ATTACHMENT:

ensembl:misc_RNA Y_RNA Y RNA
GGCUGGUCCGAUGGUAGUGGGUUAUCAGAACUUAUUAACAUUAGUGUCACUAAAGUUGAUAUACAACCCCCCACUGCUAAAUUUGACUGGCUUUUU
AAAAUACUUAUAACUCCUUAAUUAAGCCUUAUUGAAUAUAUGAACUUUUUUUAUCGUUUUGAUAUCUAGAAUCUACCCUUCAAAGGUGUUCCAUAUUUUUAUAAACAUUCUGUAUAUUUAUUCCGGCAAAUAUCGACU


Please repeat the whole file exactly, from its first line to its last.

ensembl:misc_RNA Y_RNA Y RNA
GGCUGGUCCGAUGGUAGUGGGUUAUCAGAACUUAUUAACAUUAGUGUCACUAAAGUUGAUAUACAACCCCCCACUGCUAAAUUUGACUGGCUUUUU
AAAAUACUUAUAACUCCUUAAUUAAGCCUUAUUGAAUAUAUGAACUUUUUUUAUCGUUUUGAUAUCUAGAAUCUACCCUUCAAAGGUGUUCCAUAUUUUUAUAAACAUUCUGUAUAUUUAUUCCGGCAAAUAUCGACU